Cover shows artwork of old auto and signpost and headline "Roosevelt's Dimes."
Cover of the January, 1987 issue.

The Disability Rag's national growth was accelerated in 1985 by a front page Wall Street Journal article.[1] As it became a national periodical of the disability movement, it addressed the disability community's concerns about both personal and public issues.[3] The Rag was a hybrid: both a news magazine, with coverage of emerging activism local and nationwide, and an opinion journal. In an era before social media, its articles by leading disability rights figures and a large and lively letters to the editor section debated the disability rights policy issues of the times as activists proposed, argued about and worked out ideology and strategies. The Rag covered the full range of disability political issues from charity telethons to physician assisted suicide to protests over inaccessible public transit. When ADAPT started a national activist effort to change public transit policy, The Rag provided continuing coverage of the activists and the issue, and the coverage was collected and published as To Ride the Public's Buses: The Fight that Built A Movement, The Advocado Press's first "Disability Rag Reader."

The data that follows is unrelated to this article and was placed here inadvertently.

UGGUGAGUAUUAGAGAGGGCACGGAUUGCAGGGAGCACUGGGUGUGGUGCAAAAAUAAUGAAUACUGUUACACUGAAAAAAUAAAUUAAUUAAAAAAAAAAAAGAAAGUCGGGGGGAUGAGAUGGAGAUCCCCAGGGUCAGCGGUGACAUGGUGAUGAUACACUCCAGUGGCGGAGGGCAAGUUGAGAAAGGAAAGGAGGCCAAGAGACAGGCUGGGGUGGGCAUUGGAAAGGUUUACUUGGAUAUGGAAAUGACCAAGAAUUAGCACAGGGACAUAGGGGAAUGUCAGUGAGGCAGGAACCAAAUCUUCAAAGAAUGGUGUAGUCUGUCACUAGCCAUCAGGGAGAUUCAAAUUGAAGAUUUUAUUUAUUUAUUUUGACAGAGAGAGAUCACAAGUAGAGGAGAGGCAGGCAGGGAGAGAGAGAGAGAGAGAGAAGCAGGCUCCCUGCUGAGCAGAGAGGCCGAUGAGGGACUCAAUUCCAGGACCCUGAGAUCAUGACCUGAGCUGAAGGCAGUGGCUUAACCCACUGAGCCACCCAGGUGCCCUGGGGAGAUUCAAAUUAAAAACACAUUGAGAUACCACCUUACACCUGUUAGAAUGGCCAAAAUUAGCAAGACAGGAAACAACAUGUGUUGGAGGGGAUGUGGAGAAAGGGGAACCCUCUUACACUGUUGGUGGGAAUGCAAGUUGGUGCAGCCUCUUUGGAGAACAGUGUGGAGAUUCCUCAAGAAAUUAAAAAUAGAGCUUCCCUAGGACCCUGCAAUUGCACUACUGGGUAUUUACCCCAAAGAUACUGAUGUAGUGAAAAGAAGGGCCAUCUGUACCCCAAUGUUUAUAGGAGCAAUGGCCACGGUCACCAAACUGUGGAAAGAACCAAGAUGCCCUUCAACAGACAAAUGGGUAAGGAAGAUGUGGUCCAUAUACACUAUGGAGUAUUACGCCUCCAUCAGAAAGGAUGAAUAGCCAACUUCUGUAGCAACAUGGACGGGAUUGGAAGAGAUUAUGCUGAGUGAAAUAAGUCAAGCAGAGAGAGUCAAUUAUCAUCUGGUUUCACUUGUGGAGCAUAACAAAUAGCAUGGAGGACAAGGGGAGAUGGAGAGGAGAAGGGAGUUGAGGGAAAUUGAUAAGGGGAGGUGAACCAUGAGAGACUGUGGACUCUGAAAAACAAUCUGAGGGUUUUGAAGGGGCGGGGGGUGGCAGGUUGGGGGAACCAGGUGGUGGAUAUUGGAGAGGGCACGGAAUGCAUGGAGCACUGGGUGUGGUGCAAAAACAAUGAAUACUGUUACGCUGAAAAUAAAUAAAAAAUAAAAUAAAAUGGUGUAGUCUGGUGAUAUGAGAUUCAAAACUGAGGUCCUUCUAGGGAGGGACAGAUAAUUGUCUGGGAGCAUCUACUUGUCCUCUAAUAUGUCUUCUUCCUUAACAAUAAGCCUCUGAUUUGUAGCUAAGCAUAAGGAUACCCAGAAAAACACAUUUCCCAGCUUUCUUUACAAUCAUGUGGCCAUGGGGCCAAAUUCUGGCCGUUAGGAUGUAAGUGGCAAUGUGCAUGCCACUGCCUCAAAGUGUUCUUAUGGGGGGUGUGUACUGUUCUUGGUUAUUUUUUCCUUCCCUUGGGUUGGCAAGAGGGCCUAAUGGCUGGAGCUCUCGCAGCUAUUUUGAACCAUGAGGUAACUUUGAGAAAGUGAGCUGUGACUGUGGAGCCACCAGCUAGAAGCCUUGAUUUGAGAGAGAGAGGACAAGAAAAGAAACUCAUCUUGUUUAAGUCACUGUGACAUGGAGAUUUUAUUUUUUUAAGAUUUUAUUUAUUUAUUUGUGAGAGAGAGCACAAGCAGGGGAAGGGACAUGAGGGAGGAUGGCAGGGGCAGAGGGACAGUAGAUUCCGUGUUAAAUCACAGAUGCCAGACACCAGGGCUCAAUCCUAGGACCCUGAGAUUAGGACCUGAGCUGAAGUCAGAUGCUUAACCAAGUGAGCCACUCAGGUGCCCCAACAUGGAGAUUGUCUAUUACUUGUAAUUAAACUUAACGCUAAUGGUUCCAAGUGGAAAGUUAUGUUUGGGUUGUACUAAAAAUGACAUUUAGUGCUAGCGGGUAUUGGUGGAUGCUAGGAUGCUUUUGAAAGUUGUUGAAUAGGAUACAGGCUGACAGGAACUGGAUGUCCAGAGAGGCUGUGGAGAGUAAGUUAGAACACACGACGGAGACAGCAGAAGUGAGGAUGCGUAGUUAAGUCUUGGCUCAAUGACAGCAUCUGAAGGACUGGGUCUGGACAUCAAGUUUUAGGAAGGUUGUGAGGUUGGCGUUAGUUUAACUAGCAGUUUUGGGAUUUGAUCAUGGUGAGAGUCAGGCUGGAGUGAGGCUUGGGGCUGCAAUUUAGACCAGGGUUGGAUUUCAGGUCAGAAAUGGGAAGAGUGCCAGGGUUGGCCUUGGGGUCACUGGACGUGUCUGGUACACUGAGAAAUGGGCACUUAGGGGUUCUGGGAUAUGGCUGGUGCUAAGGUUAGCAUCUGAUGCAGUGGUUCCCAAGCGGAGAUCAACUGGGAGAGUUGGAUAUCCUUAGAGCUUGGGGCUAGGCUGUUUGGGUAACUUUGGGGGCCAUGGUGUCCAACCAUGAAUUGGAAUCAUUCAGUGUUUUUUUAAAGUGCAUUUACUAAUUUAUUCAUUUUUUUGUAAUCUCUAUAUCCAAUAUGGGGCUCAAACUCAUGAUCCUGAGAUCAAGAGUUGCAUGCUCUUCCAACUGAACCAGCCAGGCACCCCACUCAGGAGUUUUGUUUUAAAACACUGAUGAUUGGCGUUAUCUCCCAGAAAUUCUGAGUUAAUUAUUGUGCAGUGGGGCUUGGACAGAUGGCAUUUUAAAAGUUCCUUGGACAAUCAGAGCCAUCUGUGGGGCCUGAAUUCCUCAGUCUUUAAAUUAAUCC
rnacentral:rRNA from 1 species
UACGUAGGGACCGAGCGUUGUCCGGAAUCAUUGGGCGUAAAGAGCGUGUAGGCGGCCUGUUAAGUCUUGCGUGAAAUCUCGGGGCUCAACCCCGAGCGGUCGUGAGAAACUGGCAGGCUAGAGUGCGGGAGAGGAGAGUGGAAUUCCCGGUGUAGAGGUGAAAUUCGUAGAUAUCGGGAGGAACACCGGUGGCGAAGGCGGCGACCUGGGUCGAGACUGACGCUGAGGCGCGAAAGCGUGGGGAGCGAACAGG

'Disability Rat Rides Again'

Another ongoing issue for The Rag was media coverage: it consistently railed against or poked fun at what it considered detrimental or misguided coverage of disabled people. Two ongoing features of the magazine - "Myth & Media" and "We Wish We Wouldn't See..." - critiqued the typical coverage of disabled people as either heroes and "overcomers" or victims of disease, and skewered ads for cosmetic surgery[2] or from fundraising charities which used disability as tragedy to open purse strings. [4]